Incest, bloody fights, hangings, sex, rape, whippings, miscarriage, alcohol, prostitutes, a man boiled alive, sexual repression, adultery, slave rebellion, depravity, decadence, cruelty, racism, decaying old mansions, mint juleps.
Mandingo (1975) is the obverse of Gone with the Wind (1939). In one Southern plantation family it embeds the whole of the institution of slavery, both as it was and as people believe it was. Mandingo serves as antidote to decades of films that extol the virtues of the Old South and ignore the dark realities of slavery. Yet as a portrait of history, it is no more reliable and accurate than the views it seeks to correct. The real intent of Mandingo is not corrective. It is prurient, sensationalist, and exploitative. Within a two-hour span, it manages to include every fact and myth imaginable about slavery and the Old South. Who knows what to believe when this film is over?
Mandingo presents a world in which plantation owners regard slaves as animals without souls. They discuss slaves as they would discuss sheep or cattle. They talk about how to breed slaves—the woman are called "breeders." Slave children are "suckers." They execute slaves who run away too often and poison those too old to work. The white male owners exercise total control over the lives and bodies of slaves. They have sex with the women whenever they like, and in fact Hammond's father (played by James Mason) explains to a young slave girl that she should feel honored to have her first sexual experience with her owner's son: "It's Master's duty to pleasure the wenches first time!" Men have "bed wenches" who give them the kind of sex their white wives are supposedly too frail and innocent to offer. Yet white women are shown as sexually repressed too.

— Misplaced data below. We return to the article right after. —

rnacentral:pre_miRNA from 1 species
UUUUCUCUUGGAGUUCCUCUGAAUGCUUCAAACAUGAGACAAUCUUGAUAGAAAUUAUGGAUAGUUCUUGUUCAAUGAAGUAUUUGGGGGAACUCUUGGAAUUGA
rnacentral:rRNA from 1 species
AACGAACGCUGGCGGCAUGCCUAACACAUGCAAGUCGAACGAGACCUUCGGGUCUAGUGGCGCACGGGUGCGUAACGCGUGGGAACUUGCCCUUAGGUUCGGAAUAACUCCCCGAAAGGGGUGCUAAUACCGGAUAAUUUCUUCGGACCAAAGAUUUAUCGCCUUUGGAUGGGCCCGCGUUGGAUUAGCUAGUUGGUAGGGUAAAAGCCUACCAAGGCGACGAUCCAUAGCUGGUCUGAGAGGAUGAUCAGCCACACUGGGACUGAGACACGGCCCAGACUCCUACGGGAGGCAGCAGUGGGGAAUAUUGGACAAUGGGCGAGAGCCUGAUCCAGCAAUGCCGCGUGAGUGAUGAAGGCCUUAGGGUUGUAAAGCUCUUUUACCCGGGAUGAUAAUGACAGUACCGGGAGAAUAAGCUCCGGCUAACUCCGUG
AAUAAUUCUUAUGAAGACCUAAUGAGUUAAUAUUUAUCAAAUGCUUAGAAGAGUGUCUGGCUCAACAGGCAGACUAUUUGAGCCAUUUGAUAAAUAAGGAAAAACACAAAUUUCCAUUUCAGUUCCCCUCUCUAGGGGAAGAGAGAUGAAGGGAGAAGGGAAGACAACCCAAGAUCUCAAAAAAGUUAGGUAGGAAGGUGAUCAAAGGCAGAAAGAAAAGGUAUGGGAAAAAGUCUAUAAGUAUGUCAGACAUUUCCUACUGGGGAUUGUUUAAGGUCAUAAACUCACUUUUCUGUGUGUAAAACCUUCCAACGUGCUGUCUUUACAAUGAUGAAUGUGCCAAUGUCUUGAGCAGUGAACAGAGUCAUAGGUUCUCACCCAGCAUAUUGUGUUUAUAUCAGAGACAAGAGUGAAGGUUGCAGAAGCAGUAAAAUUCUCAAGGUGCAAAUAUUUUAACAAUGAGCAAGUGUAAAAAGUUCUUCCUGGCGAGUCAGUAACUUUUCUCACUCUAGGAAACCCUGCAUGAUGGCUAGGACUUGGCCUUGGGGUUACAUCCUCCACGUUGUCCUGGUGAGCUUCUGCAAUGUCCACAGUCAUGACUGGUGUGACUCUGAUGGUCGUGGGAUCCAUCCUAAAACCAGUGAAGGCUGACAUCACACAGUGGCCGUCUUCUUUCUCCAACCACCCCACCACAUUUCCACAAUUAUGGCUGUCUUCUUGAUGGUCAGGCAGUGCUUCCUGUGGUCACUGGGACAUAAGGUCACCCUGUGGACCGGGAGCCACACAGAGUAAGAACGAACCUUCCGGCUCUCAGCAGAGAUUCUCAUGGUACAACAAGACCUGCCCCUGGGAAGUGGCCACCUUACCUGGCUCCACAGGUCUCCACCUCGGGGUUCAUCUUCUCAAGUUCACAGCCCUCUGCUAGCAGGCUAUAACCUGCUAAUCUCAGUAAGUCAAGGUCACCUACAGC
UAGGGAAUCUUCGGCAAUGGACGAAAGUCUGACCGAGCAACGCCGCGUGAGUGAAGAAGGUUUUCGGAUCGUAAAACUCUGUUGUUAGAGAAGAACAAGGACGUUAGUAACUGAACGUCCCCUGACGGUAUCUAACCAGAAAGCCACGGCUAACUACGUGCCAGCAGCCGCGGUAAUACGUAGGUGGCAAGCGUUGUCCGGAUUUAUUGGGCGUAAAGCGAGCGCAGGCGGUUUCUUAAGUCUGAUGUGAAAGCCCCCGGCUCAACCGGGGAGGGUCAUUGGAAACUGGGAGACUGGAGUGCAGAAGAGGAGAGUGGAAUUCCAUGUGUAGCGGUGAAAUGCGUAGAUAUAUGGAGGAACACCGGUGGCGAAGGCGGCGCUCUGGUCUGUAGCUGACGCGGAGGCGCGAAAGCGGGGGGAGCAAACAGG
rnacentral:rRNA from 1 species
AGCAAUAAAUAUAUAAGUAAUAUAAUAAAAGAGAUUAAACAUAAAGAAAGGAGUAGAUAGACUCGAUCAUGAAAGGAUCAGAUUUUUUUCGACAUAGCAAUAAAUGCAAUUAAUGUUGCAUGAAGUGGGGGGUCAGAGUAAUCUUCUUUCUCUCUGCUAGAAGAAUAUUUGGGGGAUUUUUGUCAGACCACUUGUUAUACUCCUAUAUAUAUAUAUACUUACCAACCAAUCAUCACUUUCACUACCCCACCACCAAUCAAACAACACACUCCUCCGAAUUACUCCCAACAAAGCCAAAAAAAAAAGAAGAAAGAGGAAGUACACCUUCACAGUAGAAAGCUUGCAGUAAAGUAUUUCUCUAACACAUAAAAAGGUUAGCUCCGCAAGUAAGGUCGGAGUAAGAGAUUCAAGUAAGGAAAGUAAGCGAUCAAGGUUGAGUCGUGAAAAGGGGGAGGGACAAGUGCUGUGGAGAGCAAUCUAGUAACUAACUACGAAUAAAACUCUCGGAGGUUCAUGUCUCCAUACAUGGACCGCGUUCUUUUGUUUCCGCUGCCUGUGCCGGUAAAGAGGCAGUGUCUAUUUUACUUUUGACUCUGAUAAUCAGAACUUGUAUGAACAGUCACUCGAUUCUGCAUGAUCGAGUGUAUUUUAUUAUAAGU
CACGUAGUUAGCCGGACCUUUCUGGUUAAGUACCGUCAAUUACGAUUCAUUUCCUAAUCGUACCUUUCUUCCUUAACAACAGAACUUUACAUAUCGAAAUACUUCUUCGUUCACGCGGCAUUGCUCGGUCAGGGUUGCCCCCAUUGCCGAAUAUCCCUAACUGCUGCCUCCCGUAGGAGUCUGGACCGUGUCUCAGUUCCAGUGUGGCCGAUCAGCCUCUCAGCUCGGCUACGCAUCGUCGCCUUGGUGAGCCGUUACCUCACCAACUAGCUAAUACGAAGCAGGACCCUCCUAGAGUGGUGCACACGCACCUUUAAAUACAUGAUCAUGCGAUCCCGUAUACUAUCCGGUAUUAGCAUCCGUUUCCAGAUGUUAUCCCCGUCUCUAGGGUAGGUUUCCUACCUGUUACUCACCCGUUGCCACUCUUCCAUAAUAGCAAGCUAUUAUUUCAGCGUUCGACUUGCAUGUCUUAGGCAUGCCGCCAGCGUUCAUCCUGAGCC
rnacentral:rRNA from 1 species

Falconhurst is the plantation where much of the film occurs. It is located in Louisiana, somewhere between Memphis and New Orleans. Compared to other plantations, it's a pretty run-down affair, and perhaps this is supposed to imply that the Maxwells are an exception to the mythic Southern rule of leisure and gentility and beauty. Mrs. Maxwell died years before, and the place has lacked a mistress as a result. The implication is that when a new young mistress comes on the scene, she will motivate Hammond and his father to fix the place up. To do that, they will need money, and to get money they will have to sell slaves, which they never hesitate to do.
Hammond Maxwell, the son at Falconhurst, the plantation in this film, has a game leg. He is portrayed as a kind exception to the norm among slave owners. He dislikes the mistreatment of slaves. He truly loves the slave girl Blanche who becomes his "bed wench" after he buys her in New Orleans. He tells her that she will always belong to him, that no one can take her away from him. He promises that when their child grows up he will set him free. He disapproves when his cousin spanks the slave girl he has been given by a host to spend the night with. He treasures and respects Mede, the husky male slave he buys in New Orleans and who proves to be a vigorous fighter. He doesn't like to see families broken up at slave auctions. Despite all these exceptions, Hammond believes in slavery, is upset when he discovers that one of the house slaves can read, happily leads slaves off to be sold in Memphis, is enraged to the point of madness when he discovers that his wife has had sex with and become pregnant by Mede (she does this to get revenge on her husband and his bed-wench), whom he does not hesitate to murder.
Not surprisingly, slaves in the film lead a double-life. They have no choice but to accept the sexual exploitation the women suffer. They are subservient in front of whites, and more assertive, more "normal" among themselves. Out of hearing of the whites, they argue with each other as to how subservient they should be. Moke in particular is accused of trying to ingratiate himself to Hammond for his willing participation in arranged fights. He is accused by another slave, the rebellious Cicero, of turning against his "black brother." On the other hand, no one blames Blanche for loving Hammond. The movie doesn't explicitly address the fact that she has no choice but to submit to him. He tells her that he will leave her alone if that is what she wants--she responds that she wants to give him pleasure. That Hammond doesn't want to force Blanche to have sex does not mitigate the fact that as her owner he can do with her as he likes—he has the power, whether or not he uses it.